6 CRO Tips For Your Sign-Up Forms

Killer CRO tips for your submission forms explored and explained with useful advice and practical examples you can implement now.

6 CRO Tips For Your Sign-Up Forms
Written by Paul Mortimer
Inbound marketing, HubSpot  |   3 minute read
Optimising the conversion rate of your sign-up forms is a key building block in the online sales and nurturing process.
blog header with example of two forms
It's the point at which your visitors decide whether to become a lead or not, so forms must be prioritised when it comes to reviewing your site's performance and optimisation

Obviously, having any type of form is better than none, but here are some quick wins that you can implement on your forms to help increase the number of contacts gained. Here is an explanation of 6 quick CRO tips to try on your own sign-up forms.

1. Consider The Number Of Fields

All the marketing blogs point out that less (fields) is more (conversions), when it comes to sign-up forms. And as a general rule, that is most certainly correct. However, this needs to be balanced between two factors.

Is asking solely for a name and email address enough information for an effective nurturing process, or do you need something more?

The answer to this needs to be balanced against how the user will view your form; do the amount of fields that they have to complete to submit the form justify what they will receive in return?

Targetting 2 (ideally) to 5 (maximum) is a good starting point. 

contact form simple example

2. Be Clear What The User Gets Out Of Completing It

And on that theme, the user needs to be crystal clear what they are going to get out of completing your form. They need to know why they're giving you their contact information and what will happen next.

Most users now know that submitting your email address to a company is going to result in some sort of marketing information landing in their inbox. That's why it's worth reminding them why they want to fill this form out in the first place; to receive a download, to hear the latest news and offers, to enter a contest or even to book a sales call.

whitespace page example with clear info

If they are going to receive a couple of emails over the next week, consider telling them. Honesty is often the best policy and be sure to remind them they can always unsubscribe.

3. Ensure Mobile Friendliness

Yeah, yeah, the majority of users are now on mobile devices. Yada-yada, blah-blah.

So why are plenty of forms still not mobile optimised and are too big a faff to complete on a touchscreen? You don't want to risk abandonment over such an obvious issue. Test the mobile friendliness of your submission forms otherwise non-responsive forms can risk you losing valuable leads.


4. Find The Right CTA Copy On Your Forms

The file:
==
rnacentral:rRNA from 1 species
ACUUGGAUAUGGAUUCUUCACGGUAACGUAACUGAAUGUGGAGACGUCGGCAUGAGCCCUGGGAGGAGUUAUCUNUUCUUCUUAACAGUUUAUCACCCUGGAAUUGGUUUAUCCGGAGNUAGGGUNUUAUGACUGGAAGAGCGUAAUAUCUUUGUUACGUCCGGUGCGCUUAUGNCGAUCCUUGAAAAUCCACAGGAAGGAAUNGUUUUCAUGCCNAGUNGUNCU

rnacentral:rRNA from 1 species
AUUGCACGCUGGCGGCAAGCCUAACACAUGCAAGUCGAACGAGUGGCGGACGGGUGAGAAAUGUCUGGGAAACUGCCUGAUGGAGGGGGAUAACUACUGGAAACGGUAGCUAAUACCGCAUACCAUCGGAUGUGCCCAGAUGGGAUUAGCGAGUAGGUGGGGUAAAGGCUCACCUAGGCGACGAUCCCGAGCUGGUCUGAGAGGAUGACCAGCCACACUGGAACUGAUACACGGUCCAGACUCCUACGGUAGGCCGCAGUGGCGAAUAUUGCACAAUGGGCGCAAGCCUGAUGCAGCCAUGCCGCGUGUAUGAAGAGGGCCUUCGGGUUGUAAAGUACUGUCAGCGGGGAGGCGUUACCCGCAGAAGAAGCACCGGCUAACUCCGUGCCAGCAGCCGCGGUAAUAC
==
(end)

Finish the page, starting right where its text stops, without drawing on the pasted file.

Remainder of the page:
General consensus points to avoiding the simple "Submit" button as it is too committal. I get that. It completely reminds the user they are submitting information and ignores the fact they are getting something in return (whatever it is, you're offering).

A good way to optimise is to employ a more guarded or hedged piece of CTA copy at the end of the form. "Click Here", "Download Now" and "Read Now" all use softer connotations than "Submit" and forget the fact you are gaining info from the user.

clear call to action example

Two word, verb inclusive and time orientated copy like those previous examples is proven to boost submissions. This is echoed in this excellent report by Formstack.

5. Employ Smart Forms


Smart fields and smart forms speed up the form filling process for your users, optimising the form for them and increasing the likelihood they will submit. Oops, sorry, not "submit" but "click here".

Besides inputting already known information, developed smart forms and fields (like those offered by HubSpot) can remove already known information fields from the next form a user submits. This builds a more complete contact for your sales team to engage with.

Social accounts can be used to auto-fill forms too. This has shown amazing increases in form submissions.


6. Keep Testing And Keep Adjusting


Like all aspects of life online, you need to keep testing and adjusting the content of your forms. Heatmaps, A/B testing, alignment layout changes and multi-step forms are all things that you will want to try and see the effectiveness of, at some point. 

Many of these techniques may already have been applied to your site design as a whole, so you'll already be familiar with them, but the same principles and tests can be applied to your forms. A good thing to maybe test would be how effective the sizing of a form might be.

If anything, from a sales and conversion point of view, your forms are the first place you should be applying these techniques and tests. This is because they are your means of gaining leads and contacts, so they should be highly optimised.

Improved Forms Means Improved Traffic - Deal With It Properly

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